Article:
Time to get over impossible dream of winning in Oscars
By: Nestor Torre
Philippine Daily Inquirer
March 7, 2012 | 9:24 pm
For a long time now, Filipino filmmakers have been trying to get a local movie to qualify as one of the finalists in the Oscar or Academy Awards’ best foreign film category.
Each year, a local competition is held by the Film Academy of the Philippines to choose the country’s bet, and the winner is sent off in a flurry of media fanfare –and an expensive campaign to convince the Academy’s thousands of voter-members to favor the Philippine representative. But, despite our movie people’s collective efforts, success has continued to elude us.
It’s particularly galling to realize that our best efforts have been focused on simply getting into the finals. What sort of “halfway” goal is that? And, why pursue it at all?
Ironically, while the local movie industry’s “Oscar dream” continues to be confounded, Filipino filmmakers have been winning honors (not just “getting into the finals”) in other international film competitions. But, the fanfare over those actual triumphs have been much less than our efforts to get within sniffing distance of an Oscar trophy.
Why is an “Oscar finalist” citation prized so much? Well, it’s still the most popular film awards show on TV, although the Golden Globes have been attracting more viewers of late.
In addition, the Oscars have “US movies” written all over them, despite their “international” bent, and you know how much we revere all things American.
So, we continue to aspire for Oscar glory, even if actually claiming it has remained a pipe dream. But our big, collective moment of truth this year should be the realization that it should remain a dream, because we should stop trying to get into the US Academy Awards’ best foreign film category from here on in.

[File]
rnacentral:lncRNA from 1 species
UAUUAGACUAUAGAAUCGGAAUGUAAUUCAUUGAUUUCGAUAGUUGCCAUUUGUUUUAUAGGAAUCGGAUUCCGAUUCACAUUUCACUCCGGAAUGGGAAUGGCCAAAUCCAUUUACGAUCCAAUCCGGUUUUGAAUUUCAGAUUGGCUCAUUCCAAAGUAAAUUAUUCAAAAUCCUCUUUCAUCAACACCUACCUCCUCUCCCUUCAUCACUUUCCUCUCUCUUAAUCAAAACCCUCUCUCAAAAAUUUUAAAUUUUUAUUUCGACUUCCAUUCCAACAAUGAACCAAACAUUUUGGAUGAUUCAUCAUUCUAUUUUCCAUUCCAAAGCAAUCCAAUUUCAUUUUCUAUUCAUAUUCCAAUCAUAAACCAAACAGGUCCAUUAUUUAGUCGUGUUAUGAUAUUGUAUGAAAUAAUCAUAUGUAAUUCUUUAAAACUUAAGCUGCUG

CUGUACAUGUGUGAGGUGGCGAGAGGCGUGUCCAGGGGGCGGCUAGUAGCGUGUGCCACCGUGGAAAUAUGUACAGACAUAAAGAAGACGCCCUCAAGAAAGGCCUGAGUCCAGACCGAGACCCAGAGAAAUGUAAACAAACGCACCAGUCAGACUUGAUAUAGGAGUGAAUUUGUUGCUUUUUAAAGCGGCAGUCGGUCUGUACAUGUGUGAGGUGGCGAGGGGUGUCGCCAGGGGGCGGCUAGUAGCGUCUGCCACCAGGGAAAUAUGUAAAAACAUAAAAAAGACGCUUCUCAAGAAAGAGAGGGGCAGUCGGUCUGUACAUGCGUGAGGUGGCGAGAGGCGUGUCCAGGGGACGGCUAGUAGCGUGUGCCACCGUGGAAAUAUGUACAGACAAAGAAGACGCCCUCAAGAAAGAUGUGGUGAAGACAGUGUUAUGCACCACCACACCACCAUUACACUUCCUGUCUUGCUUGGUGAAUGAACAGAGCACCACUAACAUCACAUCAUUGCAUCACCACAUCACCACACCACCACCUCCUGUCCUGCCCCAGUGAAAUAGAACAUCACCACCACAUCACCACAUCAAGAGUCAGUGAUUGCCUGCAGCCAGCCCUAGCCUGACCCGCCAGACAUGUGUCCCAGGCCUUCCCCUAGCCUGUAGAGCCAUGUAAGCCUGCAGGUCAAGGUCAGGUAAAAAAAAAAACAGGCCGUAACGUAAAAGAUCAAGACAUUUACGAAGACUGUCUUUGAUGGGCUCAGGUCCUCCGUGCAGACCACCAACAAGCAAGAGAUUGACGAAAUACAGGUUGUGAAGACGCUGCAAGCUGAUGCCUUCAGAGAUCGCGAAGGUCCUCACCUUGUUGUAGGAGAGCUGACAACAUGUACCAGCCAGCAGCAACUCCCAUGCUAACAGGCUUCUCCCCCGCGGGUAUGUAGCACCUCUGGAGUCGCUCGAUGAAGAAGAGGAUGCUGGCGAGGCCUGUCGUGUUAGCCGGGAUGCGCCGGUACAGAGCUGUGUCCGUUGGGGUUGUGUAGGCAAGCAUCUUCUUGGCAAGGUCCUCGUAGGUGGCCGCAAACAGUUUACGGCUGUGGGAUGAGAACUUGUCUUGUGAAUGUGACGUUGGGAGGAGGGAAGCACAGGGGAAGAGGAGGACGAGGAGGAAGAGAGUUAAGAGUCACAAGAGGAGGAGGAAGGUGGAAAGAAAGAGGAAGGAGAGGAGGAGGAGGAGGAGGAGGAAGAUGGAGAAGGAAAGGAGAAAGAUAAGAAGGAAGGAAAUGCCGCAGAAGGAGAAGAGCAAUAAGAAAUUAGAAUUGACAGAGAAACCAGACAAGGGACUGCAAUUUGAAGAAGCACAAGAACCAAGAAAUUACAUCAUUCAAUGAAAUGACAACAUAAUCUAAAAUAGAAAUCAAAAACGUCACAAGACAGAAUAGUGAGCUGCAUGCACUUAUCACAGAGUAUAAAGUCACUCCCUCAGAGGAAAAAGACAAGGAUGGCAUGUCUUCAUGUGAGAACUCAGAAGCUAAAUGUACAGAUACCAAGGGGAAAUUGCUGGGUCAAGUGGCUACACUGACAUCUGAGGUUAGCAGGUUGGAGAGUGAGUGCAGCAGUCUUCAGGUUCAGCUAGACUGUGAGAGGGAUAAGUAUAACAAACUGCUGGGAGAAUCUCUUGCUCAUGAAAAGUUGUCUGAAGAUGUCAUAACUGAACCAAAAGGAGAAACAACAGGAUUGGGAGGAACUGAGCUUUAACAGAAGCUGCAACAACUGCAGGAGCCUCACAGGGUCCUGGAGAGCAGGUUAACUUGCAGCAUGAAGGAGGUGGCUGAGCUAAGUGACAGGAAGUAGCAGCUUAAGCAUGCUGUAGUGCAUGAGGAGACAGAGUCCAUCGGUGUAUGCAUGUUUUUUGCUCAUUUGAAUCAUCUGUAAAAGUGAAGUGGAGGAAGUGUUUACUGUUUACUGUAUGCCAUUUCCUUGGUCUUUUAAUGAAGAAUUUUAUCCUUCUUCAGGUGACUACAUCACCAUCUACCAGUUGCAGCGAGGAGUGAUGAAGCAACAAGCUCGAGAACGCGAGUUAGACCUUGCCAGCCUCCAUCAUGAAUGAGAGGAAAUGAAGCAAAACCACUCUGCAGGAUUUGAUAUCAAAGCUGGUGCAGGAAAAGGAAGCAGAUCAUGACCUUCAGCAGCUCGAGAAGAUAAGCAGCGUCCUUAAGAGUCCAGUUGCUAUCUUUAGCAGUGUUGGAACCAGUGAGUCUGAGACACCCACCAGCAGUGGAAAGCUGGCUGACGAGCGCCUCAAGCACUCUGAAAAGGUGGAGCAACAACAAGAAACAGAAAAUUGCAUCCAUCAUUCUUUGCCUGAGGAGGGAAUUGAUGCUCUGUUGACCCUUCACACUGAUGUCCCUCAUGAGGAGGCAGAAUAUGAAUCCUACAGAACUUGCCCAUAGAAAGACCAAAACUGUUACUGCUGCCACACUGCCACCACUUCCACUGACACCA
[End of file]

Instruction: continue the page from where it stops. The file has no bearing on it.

And why so? Because to compete effectively and successfully in that tilt requires a foreign entry to be viewed by hundreds of potential Academy voters, many of whom have to be given “screeners” or copies of the movie being promoted “for their consideration.”
That takes a lot of expense, effort and connections – and, frankly, “getting into the finals” is not worth it.
Let’s focus instead on competing successfully, as we have done many times, in other prestigious global competitions, like the leading festivals of Cannes, Venice and Berlin
, where the only people we need to impress are the dozen or so members of the board of jurors. No need to mount an attention-calling campaign, hire PR people, send out screeners and hold self-financed screening sessions, in the slim hope of competing favorably against the entries of better-connected countries with bigger movie industries.
Yes, we’d love to get within sniffing distance of a theoretical Oscar trophy, but let’s get over the implausible dream, OK? And, while we’re at it, can’t we also resolve not to get so turned on by anything “international,” and value our viewers here at home, instead?